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A promise of half a million years: EU research provides new insight into climate change


Within the €3.6 million EU research project PROMESS1 (PROfiles across MEditerranean Sedimentary Systems), with an EU contribution of €2.7 million, European scientists have collected 500 000 year-old sediment cores from the bottom of the Mediterranean Sea. These samples will allow researchers to reconstruct climate variations since pre-historic times, thus providing keys for understanding what is happening to Earth’s climate now. Ocean drilling is crucial in understanding changes in climate, as the sediments hold archives of past developments. PROMESS1 involves partners from France, Germany, Italy, Spain, the Netherlands and the United Kingdom.

“The findings of the PROMESS1 project place European research on a par with the world leaders in marine geosciences, the US and Japan,” said European Research Commissioner Philippe Busquin. “This research helps us to understand the Earth’s situation and envisage scenarios to be taken into account by policy-makers. Changes in sea-bottom sediments off the shore of densely populated coastlines may have a deep impact on those areas. Moreover, better understanding of how these sediments formed will help identify and monitor gas- and oilfields.”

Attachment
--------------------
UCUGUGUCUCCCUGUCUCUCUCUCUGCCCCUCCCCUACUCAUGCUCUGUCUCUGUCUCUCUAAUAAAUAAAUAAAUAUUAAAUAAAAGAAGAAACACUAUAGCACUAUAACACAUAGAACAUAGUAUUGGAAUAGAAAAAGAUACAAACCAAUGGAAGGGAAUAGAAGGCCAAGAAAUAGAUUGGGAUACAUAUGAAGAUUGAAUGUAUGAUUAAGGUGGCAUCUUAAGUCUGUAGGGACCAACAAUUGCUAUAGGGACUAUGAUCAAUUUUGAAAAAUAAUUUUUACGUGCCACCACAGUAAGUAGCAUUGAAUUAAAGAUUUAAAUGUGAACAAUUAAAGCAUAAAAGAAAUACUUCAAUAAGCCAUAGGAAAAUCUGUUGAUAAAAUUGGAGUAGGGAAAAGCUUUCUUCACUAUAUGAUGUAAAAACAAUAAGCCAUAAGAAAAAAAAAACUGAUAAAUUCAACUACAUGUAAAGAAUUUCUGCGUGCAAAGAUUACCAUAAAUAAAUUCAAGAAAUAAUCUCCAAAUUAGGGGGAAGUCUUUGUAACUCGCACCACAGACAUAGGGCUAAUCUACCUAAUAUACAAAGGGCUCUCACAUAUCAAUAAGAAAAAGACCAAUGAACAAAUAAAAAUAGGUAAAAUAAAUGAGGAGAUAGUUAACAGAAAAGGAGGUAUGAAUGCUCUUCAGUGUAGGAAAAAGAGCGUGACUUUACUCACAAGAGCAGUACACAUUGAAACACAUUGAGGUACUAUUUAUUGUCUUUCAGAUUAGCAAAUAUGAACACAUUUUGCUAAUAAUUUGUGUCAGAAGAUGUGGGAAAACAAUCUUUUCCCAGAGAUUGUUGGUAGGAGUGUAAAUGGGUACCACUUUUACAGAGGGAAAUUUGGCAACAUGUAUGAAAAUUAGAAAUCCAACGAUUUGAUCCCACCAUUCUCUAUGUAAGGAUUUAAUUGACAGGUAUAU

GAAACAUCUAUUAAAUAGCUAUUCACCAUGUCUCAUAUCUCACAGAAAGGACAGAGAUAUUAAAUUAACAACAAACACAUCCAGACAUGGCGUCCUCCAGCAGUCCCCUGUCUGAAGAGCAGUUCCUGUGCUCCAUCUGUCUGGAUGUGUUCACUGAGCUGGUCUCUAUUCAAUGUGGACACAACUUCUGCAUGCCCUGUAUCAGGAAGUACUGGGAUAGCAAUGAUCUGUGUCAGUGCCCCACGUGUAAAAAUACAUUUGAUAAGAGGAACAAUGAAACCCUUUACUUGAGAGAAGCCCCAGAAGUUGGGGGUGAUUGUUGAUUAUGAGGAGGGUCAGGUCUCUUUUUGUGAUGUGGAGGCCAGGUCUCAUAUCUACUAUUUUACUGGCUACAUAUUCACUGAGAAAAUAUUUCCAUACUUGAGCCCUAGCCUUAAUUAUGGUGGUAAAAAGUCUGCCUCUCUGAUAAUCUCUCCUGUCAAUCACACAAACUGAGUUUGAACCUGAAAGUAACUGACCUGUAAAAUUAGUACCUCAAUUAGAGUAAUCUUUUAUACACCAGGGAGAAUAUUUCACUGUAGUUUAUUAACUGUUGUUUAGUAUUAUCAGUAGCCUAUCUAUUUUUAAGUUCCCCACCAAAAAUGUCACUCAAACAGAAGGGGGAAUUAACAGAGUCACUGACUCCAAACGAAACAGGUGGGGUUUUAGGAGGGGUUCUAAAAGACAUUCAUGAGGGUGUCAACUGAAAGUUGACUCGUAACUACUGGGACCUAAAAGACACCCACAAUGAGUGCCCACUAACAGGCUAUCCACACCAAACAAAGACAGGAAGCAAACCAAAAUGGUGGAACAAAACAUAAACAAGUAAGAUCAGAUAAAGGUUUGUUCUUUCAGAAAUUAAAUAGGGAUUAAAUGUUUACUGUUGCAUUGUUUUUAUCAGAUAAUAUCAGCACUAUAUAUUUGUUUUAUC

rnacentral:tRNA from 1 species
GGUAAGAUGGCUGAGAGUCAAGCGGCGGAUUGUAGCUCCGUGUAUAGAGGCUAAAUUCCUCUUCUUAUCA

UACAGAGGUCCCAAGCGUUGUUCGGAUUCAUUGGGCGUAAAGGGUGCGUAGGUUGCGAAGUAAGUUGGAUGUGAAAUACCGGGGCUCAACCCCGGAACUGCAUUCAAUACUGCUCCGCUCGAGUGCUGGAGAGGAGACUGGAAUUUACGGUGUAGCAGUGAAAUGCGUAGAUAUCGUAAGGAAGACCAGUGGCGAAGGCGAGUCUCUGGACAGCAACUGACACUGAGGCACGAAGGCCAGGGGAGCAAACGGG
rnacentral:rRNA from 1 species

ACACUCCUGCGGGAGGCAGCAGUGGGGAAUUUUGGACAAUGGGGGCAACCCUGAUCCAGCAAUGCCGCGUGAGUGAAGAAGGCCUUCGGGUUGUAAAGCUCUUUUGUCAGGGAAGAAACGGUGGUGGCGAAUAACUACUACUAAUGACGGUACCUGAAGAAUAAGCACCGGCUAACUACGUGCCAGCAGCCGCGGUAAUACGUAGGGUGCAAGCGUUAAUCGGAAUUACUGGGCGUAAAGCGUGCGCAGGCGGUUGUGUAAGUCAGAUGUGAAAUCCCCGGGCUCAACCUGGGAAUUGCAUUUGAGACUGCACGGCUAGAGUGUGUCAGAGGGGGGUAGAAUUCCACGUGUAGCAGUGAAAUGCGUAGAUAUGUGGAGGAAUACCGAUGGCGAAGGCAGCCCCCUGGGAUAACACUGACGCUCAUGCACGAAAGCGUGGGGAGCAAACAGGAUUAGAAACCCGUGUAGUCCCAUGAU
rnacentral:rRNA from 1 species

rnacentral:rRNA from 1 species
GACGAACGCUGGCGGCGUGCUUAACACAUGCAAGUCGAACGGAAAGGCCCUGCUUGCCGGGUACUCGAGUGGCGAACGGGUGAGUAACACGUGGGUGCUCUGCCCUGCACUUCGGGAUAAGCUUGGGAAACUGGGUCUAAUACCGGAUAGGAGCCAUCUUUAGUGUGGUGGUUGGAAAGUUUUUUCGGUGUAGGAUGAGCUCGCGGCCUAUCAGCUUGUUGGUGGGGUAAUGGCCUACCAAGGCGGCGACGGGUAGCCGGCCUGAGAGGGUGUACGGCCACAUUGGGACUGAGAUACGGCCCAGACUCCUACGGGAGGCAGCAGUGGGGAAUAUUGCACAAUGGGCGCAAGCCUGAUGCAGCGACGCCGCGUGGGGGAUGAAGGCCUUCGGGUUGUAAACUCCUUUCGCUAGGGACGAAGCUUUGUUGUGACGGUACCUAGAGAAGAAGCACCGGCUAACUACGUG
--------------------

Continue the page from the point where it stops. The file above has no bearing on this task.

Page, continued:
Journalists are invited to visit the research vessel SRV Bavenit and meet the research team tomorrow, Friday 23 July, at 10.00, in the harbour of Barcelona.

Memories of global changes

Between June, 24th and July, 22nd, 2004, a team of European scientists embarked on a drilling expedition in the Mediterranean Sea, from Brindisi (Italy) to Barcelona (Spain). The purpose of this cruise was to collect, for the first time, long (up to 300 metres) sediment sections and measurements from two deltaic margins where the memory of global changes during the last 500 000 years is particularly well preserved.

The integrated ocean drilling programme

PROMESS1 has been supported with key technical advice by the Integrated Ocean Drilling Programme (IODP). Offshore drilling is expensive and it is mainly undertaken by the offshore oil and gas industry. IODP is an exception. It aims at providing the international scientific community with drilling platforms capable of drilling in extreme conditions, in terms of water depth and penetration below the sea bed, to address issues such as global changes, earthquakes, and deep biosphere. The European Union participates to IODP with the ECORD (European Consortium for Ocean Drilling) project.

Keeping the PROMESS
PROMESS1 has three main objectives:

  • The reconstruction of sea-level and climate changes during the last 500 000 years
  • The analysis of the impact of global changes on slope stability, and examination of slope processes such as underwater avalanches
  • The understanding of the processes that form strata on continental margins, in relation with sea-level changes, instabilities and oceanic processes, and recent tectonic activities

Cross-examination of data from different sources will help better understand climate variations. The data of PROMESS1 will be compared with data provided by ice core drilling.

Fabio Fabbi | European Union
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